Have you ever wondered what LOL meaning is? You may have encountered someone saying “LOL” in an online chat, in a text or perhaps seen it on a social media site such as Twitter or Facebook.
- I am not really interested in the conversation so I will use “LOL” to make you think I am still interested and paying attention.
- I will pretend to be amused even though what you are saying is not funny.
- Using it as a conversation filler, similar to nodding your head, or saying “yeh” in a real conversation, because I have used it so much its just something I say to indicate I am still listening.
An example of usage of the new LOL meaning is as follows:
Person #1: Was so funny, Mike fell into the lake yesterday.
Person #2: LOL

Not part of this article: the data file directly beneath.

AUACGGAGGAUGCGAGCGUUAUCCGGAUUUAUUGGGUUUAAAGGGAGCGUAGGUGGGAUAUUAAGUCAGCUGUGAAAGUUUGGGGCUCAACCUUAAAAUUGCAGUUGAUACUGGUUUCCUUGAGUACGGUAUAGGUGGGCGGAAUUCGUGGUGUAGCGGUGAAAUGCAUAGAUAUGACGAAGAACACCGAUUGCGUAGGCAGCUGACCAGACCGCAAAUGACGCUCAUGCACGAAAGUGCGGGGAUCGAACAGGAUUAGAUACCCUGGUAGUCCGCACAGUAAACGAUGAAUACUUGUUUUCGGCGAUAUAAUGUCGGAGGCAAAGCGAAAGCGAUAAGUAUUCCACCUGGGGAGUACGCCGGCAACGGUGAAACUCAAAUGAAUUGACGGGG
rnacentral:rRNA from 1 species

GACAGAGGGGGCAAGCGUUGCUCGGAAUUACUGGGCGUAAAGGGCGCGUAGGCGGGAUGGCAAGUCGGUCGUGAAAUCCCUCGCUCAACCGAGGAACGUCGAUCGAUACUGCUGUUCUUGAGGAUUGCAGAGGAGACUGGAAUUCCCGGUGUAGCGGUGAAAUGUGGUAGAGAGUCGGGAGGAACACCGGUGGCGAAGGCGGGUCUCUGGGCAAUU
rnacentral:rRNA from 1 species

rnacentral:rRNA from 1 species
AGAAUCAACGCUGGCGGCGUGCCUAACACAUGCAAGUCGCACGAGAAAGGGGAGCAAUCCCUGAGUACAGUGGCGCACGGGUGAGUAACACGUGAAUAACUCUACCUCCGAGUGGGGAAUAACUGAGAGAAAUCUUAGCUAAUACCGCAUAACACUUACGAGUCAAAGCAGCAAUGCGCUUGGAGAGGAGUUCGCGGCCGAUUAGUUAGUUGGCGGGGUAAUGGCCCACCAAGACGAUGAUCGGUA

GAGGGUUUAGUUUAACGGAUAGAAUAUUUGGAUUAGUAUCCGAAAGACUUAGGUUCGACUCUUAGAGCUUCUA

Person #1: Why did the chicken cross the road? To get to the other side.
Person #2: lol.
Origin of the new LOL meaning
It is difficult to find the first known usage of the LOL. However, its origins arise from the 1960′s when it was the acronym for “Little Old Lady”. The first known use of the modern meaning “Laughing Out Loud” appears to be from a message typed by Wayne Pearson in the 1980′s discovered in the archives of Usenet. According to Wayne Pearson who has since commented on this usage:
On March 24 2011 LOL became formally recognised in the Oxford English Dictionary.
Variations of LOL meaning
There are various similar acronyms in use such as ROFL meaning Rolling on the Floor Laughing. This was simply a mutation used by the early users on GEnie.
Variations have typically been introduced by the younger generation seeking more hip, exaggerated or meaningful ways to communicate their feelings in the absence of being able to make facial expressions or noises face to face. For example ROFL implies that it is much more funny than LOL, but it is also one of those acronyms that is commonly used as a straight replacement to LOL.
Do you ever use LOL or ROFL, and if so in what context?